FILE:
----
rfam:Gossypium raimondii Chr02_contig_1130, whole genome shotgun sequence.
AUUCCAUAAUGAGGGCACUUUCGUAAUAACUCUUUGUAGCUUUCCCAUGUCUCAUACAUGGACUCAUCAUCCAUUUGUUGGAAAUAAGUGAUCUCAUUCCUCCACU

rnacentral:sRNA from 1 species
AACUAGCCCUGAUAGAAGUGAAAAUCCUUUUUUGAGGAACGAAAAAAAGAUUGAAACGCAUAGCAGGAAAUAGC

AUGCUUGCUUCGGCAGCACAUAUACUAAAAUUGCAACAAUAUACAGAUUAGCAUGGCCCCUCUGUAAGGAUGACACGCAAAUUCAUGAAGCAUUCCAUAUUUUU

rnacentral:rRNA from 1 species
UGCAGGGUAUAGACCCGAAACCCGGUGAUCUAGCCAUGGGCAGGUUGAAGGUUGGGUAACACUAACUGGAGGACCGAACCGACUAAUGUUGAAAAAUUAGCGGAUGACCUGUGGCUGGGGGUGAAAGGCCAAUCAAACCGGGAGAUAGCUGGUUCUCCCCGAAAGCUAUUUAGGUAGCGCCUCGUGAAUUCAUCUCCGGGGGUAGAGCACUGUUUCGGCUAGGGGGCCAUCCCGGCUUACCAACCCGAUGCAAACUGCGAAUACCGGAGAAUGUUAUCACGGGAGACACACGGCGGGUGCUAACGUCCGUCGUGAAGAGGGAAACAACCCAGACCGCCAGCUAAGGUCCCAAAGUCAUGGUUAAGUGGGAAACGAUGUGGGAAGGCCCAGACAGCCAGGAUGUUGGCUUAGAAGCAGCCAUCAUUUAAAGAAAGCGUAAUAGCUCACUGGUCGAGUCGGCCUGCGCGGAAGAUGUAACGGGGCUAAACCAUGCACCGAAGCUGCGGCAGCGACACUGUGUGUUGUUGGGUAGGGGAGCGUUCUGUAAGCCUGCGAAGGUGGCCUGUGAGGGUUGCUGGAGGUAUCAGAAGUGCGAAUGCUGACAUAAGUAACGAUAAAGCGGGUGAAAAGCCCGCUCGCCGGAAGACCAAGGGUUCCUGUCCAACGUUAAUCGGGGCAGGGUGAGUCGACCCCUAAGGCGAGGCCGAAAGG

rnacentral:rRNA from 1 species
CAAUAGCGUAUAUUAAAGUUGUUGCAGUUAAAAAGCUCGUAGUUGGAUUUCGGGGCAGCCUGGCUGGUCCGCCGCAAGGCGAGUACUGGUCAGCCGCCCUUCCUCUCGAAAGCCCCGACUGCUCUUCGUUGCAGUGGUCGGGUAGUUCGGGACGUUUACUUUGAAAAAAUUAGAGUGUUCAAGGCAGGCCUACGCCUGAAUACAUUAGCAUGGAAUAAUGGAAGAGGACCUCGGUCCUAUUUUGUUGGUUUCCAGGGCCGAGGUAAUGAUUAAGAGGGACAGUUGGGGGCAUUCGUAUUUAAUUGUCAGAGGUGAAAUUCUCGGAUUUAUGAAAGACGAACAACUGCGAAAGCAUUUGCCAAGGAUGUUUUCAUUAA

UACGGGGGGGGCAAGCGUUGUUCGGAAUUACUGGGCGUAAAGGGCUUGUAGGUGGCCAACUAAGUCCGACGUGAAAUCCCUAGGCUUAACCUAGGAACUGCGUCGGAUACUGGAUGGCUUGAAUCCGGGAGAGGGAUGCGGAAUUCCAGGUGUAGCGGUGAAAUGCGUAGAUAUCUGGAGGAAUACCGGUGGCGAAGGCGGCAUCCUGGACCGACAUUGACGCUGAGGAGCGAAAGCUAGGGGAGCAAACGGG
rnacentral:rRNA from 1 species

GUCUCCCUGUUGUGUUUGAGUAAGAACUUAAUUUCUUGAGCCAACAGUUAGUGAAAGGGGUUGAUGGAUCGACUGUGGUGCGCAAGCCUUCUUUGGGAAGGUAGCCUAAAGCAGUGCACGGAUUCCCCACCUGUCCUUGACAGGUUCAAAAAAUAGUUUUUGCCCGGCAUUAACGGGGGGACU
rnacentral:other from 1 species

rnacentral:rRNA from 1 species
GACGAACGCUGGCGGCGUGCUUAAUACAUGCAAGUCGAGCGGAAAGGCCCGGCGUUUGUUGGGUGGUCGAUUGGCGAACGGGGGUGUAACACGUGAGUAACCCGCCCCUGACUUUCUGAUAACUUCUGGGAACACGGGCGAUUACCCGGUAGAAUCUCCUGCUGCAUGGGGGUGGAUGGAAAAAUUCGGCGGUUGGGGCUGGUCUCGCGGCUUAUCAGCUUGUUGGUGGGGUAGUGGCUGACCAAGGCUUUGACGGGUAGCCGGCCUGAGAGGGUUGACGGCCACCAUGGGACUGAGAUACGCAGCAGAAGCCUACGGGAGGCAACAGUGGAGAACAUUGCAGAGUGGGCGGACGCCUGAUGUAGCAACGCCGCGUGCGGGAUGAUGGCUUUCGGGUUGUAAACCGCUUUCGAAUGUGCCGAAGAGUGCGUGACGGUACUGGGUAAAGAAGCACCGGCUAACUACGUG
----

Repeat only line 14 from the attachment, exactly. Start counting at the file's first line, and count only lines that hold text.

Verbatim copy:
rnacentral:rRNA from 1 species